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A cliché is defined as, ‘a phrase or an opinion that is overused and betrays a lack of original thought’, by the Oxford dictionary. An example is ‘forewarned is forearmed’ meaning to be prepared so that you are able to cope with a future situation.

Clichés are an established feature of the English language. It is particularly common in spoken English language and in informal written contexts. Some are hundreds of years old; others became popular within a short time.

My article on the differences between a proverbs and idioms explains what idioms are with some examples. Meanwhile, what we should know about clichés is that they are idioms. Both clichés and idioms have figurative phrases with implied meanings rather than literal meanings. The difference between them is that an idiom is viewed in a positive sense whereas clichés are viewed in a negative sense. Clichés are known to be overused and boring. For example the phrase ‘last but not the least’ has been commonly used and it seems unavoidable by many of us.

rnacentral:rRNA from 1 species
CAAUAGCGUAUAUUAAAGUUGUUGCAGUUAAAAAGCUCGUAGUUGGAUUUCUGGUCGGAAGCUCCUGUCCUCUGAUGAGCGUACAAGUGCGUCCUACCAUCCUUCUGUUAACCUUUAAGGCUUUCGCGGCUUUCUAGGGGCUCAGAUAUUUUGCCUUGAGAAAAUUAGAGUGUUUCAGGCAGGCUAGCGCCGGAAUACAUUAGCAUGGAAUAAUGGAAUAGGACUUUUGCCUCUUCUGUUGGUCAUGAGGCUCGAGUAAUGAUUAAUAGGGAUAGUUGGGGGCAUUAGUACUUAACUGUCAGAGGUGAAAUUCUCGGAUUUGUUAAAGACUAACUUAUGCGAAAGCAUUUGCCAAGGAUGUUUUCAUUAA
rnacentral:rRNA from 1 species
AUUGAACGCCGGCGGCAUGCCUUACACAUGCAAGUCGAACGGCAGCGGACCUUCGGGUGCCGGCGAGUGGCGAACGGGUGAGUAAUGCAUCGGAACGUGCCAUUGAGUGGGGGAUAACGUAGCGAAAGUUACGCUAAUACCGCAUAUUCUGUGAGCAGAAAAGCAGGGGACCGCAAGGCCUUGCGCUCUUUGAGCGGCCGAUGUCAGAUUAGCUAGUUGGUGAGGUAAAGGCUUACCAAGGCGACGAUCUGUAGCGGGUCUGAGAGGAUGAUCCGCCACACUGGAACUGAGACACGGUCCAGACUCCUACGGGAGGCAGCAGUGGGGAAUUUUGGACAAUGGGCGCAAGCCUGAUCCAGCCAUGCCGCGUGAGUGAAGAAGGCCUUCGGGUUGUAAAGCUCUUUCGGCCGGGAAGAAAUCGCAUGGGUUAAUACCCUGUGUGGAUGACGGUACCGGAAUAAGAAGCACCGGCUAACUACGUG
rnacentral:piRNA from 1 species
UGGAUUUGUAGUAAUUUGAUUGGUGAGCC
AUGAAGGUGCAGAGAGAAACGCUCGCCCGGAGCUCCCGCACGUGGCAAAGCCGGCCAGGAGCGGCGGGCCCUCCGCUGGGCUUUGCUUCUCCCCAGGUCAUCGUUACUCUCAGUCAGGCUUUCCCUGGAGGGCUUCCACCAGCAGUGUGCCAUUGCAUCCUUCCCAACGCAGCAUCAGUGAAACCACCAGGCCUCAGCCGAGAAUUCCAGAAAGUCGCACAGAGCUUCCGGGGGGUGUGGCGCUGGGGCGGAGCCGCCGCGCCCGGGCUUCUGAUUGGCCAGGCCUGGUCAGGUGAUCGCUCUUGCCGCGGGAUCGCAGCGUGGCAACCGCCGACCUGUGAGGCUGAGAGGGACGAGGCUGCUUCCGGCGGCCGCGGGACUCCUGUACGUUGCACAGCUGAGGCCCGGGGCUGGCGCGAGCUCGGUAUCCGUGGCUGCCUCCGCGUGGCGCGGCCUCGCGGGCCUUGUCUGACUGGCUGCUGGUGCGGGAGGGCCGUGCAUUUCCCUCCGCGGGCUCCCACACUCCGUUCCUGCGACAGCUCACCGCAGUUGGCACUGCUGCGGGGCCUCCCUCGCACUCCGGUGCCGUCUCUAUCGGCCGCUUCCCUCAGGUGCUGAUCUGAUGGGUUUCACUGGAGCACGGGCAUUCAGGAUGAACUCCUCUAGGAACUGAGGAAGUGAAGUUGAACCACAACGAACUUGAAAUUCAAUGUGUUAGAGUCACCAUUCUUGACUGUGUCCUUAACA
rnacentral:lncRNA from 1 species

There are many who claim to dislike clichés and regard them as somehow spoiling the language. Some dislike clichés due to most of them losing their freshness and originality. On the other hand, it would be almost impossible to rid our speech and writing entirely of clichés. This is because they add a bit of colour to the English language.

It is therefore necessary that English learners learn how to use them correctly. More clichés can found in Webster's Students' Companion.

Some of the most common clichés whose uses can be minimised are seen in the videos below:

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